Trials In Croppy Country, Getting Into The Game

From sheep! September/October 2016 — Subscribe for More Great Stories!

Trials In Croppy Country, Getting Into The Game

Originally published in the September/October 2016 issue of sheep! magazine.

By Julia Hollister

The overflow crowd at the high school football field grew silent as the participants entered from opposite ends of the field.

The opening score? Sheep: 3; Dog: 1.

These Northern California sheep dog trials are sponsored by the Redwood Empire Sheep Dog Assn. (RESDA).

The aim of RESDA is “to provide each contestant with equal opportunity without prejudice, to present attractive entertainment to members and spectators, and to advance the concept of good sportsmanship and growth of the Association.” (RESDA Const. & Bylaws, 6.1)

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Getting Into Sheep Herding

As with all types of livestock, people can enter the world of sheep herding for surprising reasons.

For example, a glut of protected Canada geese in many regions of the U.S. delights in muddying the shorelines of ponds and streams, stripping bare struggling pastures and defiling what’s left with huge amounts of very wet dung. The goose situation got Allison Westley, of Massachusetts, involved in sheep herding: “We have been coming to these trials for 25 years,” she says. “This is a singular experience that’s reminiscent of the Old West.

We have a horse ranch and use our Border Collie to control the geese,” Westley notes. “We bought a place near Boonville where we vacation—and so we can attend the trials.”

Thirty years ago Karen Kollgaard, with the sheep dog association, was working as a horse trainer and teaching folk music when she decided to take another career path.

“My sister was attending University of California-Davis and bought a Border Collie,” she said. “I watched her train the dog and I fell in love with the process. I bought my first dog a short time later and ended up breeding dogs for many years. I also worked in the national system.”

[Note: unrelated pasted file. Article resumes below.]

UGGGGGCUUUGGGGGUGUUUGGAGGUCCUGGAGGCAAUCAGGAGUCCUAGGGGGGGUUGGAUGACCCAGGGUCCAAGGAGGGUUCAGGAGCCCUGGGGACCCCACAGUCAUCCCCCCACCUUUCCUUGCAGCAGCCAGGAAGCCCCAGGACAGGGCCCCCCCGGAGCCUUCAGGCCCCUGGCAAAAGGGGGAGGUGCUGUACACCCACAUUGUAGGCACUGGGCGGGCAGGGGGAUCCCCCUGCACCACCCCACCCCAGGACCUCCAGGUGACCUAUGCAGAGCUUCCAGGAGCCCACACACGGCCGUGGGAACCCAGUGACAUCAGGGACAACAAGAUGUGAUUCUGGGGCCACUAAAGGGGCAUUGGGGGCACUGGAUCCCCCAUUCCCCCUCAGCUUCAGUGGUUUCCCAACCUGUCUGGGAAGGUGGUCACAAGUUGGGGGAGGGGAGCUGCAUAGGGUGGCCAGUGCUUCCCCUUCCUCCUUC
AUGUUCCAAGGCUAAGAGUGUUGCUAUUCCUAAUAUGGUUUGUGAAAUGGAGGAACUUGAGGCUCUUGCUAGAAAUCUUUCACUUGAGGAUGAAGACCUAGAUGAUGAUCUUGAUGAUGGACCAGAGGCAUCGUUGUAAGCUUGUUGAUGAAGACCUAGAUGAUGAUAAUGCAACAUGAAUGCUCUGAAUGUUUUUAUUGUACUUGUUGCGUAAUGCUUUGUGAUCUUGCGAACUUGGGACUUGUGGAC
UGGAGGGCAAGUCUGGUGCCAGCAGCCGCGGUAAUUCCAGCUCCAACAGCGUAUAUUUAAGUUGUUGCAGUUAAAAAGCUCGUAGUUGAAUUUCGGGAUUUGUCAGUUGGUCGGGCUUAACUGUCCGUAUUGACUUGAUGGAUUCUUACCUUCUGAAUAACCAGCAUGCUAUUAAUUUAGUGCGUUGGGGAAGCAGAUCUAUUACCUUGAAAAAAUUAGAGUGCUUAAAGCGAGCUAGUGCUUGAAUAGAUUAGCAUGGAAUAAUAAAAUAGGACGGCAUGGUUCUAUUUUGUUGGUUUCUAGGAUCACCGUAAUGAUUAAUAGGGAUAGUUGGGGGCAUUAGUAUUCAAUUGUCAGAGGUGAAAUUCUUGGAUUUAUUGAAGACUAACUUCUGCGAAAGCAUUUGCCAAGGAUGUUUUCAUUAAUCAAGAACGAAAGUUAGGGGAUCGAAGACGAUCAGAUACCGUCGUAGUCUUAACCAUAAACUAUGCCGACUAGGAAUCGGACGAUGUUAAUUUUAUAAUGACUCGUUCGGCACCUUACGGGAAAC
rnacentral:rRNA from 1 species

She said sheep and Border collies naturally go together. Training is a skill that takes a while to develop and now it has become a spectator sport.

Most dogs can learn the skills in six months. As a rule, the states with more livestock have more sheep dogs.

“Back then when I started training dogs, farmers were about the only dog trainers. But today you can go to clinics,” she said. “I have people who come from all over Northern California to train the dogs with me. It’s fun and there is a relationship. They are so wonderful doing what they do.”

Kollgaard says that although Border Collies can be “started” in six months, that six months begins when the pup is at least nine to twelve months old.

“Dogs don’t work as well with all sheep breeds,” she explains. “Rams are rarely used (for dog training). Black face breeds tend not to flock as easily and may fight the dogs instead of moving—or refuse to move at all. So they aren’t commonly used. Mostly, white face ewes are used in these sheep dog trials.”

Bottom Line: Sheepdog Trials Must Have Sheep

Gary Johnson owns and raises the sheep that participate in RESDA’s Boonville competition.

“We don’t use rams (in the trials) because they’re stubborn and harder to handle,” he said. “Sometimes they’ll just stomp their feet and stand up against the dog. I usually pick 50 sheep out of a flock of 200 for the event. If it’s their ‘first rodeo,’ the yearlings get a little excited.”

He also advises, “The more sheep are worked, the sooner they figure out the game.”

Coyotes are a continuing problem on his ranch. “They’re smart animals,” Johnson says. “They started coming onto the property in the 1970s and now it’s harder to control them. The main problem is they’ll eat anything from grapes to lambs. Coyotes seem to ‘sense’ when the guard dogs are resting, that’s when they chase down a wandering lamb.”

Boonville’s Famous Charm

The setting of the Northern California sheep dog trials is the tiny town of Boonville, located about two hours north of San Francisco on the coast. This place is also known for its Boontling, a recognized lost American language that has about 1,500 words.

This language is almost 150 years old and is no longer taught in schools. In Boontling, the word for “dog” is “haireem”—a truncation of the phrase “hairy mouth.” The word dates from the days when Airedales were the “in” pet.

The word for sheep is “croppy.” Its origin is said to be from the sound the sheep make when they’re chomping weeds.

Originally published in the September/October 2016 issue of sheep! magazine.

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